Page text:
Safe House (Burke Series #10) by Andrew Vachss | NOOK Book (eBook) | Barnes & Noble
Safe House (Burke Series #10)

Safe House (Burke Series #10)

4.5 4
by Andrew Vachss

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In Burke, Vachss gave readers of crime fiction a hero they could believe in, an avenger whose sense of justice was forged behind bars and tempered on New York's meanest streets.  In this blistering new thriller, Burke is drawn into his ugliest case yet, one that involves an underground network of abused women and the sleekly ingenious stalkers who've marked


In Burke, Vachss gave readers of crime fiction a hero they could believe in, an avenger whose sense of justice was forged behind bars and tempered on New York's meanest streets.  In this blistering new thriller, Burke is drawn into his ugliest case yet, one that involves an underground network of abused women and the sleekly ingenious stalkers who've marked them as their personal victims. 
   Burke's client is Crystal Beth, a beautiful outlaw with a tattoo on her face and a mission burned into her heart.  She is trying to shield one of her charges from a vengeful ex with fetishes for Nazism and torture. But the stalker has a protector, someone so informed, so ruthless, and so connected that he need only make a few phone calls to shut down Crystal Beth's operation for good—and Burke along with it.  Sinuous in its complexities, brutal in its momentum, Safe House is Burke at the edge of his nerve and cunning.  And it's Vachss at the peak of his form.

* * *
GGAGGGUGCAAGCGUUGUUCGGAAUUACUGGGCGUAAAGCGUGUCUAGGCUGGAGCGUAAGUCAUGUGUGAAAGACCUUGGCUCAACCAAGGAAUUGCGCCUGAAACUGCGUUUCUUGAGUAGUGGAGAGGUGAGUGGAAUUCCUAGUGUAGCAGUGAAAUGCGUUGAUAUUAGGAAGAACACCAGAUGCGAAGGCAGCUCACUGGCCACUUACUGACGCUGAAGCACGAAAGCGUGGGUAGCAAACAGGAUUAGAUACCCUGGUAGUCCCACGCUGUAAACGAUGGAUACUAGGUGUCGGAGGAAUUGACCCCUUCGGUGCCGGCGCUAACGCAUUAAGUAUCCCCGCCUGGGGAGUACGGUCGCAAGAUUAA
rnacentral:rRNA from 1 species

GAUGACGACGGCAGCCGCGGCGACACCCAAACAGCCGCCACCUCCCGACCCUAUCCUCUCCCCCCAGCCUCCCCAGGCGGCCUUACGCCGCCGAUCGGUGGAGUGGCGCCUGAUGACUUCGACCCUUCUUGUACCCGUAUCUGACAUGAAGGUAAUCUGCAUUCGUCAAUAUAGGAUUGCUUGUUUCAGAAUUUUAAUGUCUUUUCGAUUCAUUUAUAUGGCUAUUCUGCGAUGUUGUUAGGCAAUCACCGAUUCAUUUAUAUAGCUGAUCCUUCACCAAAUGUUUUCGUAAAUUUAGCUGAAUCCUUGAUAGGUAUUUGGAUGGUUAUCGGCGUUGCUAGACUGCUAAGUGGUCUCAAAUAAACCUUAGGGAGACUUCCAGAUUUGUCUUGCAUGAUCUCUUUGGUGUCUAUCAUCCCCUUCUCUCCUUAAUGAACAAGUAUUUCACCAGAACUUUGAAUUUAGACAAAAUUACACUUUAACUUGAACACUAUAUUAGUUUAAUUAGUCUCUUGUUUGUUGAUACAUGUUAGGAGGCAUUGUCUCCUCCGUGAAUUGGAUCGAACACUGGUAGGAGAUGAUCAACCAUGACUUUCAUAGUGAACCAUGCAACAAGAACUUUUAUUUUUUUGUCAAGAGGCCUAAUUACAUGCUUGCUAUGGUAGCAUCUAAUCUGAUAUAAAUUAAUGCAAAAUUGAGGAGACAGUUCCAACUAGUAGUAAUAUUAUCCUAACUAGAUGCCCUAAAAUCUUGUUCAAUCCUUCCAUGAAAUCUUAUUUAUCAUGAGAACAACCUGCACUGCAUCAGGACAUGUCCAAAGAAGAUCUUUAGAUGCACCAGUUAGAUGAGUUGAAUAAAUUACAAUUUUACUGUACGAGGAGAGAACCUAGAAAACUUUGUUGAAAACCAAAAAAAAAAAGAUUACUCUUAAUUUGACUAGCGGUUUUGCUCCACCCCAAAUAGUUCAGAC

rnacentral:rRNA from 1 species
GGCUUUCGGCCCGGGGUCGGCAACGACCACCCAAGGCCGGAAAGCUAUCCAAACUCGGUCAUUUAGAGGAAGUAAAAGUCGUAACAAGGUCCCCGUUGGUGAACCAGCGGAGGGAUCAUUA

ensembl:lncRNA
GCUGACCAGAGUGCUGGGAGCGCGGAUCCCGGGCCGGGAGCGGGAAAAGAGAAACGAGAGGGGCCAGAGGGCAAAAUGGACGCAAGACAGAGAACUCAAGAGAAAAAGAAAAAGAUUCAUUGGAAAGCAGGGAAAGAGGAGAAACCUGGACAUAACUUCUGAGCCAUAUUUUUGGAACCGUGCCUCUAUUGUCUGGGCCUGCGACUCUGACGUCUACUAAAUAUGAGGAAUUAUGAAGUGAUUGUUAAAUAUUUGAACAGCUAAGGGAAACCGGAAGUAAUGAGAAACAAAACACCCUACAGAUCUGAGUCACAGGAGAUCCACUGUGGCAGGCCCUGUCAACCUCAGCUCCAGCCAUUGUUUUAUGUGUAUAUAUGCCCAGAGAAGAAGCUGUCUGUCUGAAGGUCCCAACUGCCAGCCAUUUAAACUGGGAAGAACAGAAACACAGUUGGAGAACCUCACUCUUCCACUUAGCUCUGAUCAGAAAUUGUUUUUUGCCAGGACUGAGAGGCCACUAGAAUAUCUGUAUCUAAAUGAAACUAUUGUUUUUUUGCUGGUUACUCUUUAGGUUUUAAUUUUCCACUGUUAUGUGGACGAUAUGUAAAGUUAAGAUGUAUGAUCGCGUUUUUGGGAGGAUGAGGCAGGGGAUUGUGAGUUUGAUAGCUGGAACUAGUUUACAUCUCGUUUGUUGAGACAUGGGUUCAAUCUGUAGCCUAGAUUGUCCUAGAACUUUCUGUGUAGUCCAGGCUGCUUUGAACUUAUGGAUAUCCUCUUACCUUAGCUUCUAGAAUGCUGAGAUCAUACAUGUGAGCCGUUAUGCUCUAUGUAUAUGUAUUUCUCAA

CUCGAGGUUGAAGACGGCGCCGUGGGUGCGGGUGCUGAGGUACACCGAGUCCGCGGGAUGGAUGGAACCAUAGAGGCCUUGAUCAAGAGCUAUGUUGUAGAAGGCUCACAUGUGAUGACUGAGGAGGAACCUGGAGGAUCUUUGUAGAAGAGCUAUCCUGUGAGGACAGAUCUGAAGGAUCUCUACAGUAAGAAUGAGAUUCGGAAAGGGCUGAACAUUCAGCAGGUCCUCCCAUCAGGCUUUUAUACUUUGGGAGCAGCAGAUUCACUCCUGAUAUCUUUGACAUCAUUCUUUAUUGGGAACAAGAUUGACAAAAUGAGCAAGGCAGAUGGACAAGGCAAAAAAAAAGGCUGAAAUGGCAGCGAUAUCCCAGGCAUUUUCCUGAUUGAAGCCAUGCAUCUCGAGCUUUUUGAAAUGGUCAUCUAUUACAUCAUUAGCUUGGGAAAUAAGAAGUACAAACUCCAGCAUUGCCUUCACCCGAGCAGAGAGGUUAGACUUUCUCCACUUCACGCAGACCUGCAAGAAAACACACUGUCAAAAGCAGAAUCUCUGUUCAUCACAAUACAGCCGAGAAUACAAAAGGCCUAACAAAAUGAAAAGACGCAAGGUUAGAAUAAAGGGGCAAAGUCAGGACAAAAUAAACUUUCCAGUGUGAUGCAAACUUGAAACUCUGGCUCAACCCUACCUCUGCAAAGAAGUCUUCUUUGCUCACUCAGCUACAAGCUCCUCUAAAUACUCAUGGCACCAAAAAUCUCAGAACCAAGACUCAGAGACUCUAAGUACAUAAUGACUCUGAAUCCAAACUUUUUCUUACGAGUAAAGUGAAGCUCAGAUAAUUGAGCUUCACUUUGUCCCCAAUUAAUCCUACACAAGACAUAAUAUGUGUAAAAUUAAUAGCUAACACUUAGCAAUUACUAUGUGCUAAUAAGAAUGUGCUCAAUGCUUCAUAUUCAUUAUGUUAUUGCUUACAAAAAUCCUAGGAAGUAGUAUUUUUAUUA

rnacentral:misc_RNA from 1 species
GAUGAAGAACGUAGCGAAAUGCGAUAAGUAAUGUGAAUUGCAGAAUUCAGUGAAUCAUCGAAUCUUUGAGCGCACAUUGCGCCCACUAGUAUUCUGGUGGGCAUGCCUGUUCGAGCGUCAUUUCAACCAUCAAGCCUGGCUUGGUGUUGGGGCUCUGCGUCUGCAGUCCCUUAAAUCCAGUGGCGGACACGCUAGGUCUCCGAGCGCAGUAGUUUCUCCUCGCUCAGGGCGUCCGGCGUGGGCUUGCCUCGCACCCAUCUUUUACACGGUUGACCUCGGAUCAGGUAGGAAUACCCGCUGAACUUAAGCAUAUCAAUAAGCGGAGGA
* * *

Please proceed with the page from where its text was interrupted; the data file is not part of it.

From the Trade Paperback edition.

Editorial Reviews

Library Journal
Vachss has always been one of the best and most creative authors of the thriller genre, with characters that leap off the page and story lines that threaten to break the reader's heart (e.g., Blue Belle, LJ 10/1/88). But the present work, though basically well crafted, has only brief flashes of Vachss's fine talent. Burke befriends those involved in a women's shelter and finds rogue government agents and a neo-Nazi group that plans to blow up federal buildings. He saves the day with the help of his friends: mute Max, Chinese terror "Mama," genius Mole, "Baby Sister" Michelle, and, of course, his beloved mastiff, Pansy. But what is lacking here is the bite of Vachss's earlier works, the toughness and brutality that have won him so many fans. Buy this for diehards. [Previewed in Prepub Alert, LJ 12/97.]Alice DiNizo, Raritan P.L., N.J.
A big dumb blond -- a muscle-bound prison friend named Hercules -- needs Burke's help. Hired to lean on a stalker and scare him off his victim, Herk has inadvertently murdered the mark. Obligation and honor demand that Burke and his tribe of urban warriors do their best to pull the lug out of a bad situation. Looking to discover more about the set-up that ensnared his friend, Burke quickly signs on with Crystal Beth, the woman who had hired Herk and who runs a shadowy network that protects abused women. His job starts out as protection for a woman being stalked by her neo-Nazi husband. Nothing is easy in Burke's life or Vachss's fiction and the stalker turns out to have a powerful protector himself. Soon Burke and Herk and everyone else are dealing with white supremacists ready to explosively bring down democracy .. Vachss plots this one as tight as a hooker's skirt and as smooth as a pimp's promises. His commanding characterization makes Burke so cold he's hot and the supporting crew is just as compelling. Safe House is packed with scintillating style, indelible imagery, and intense empathy -- maybe the best yet from a writer of raw power and passionate fervor.
Kirkus Reviews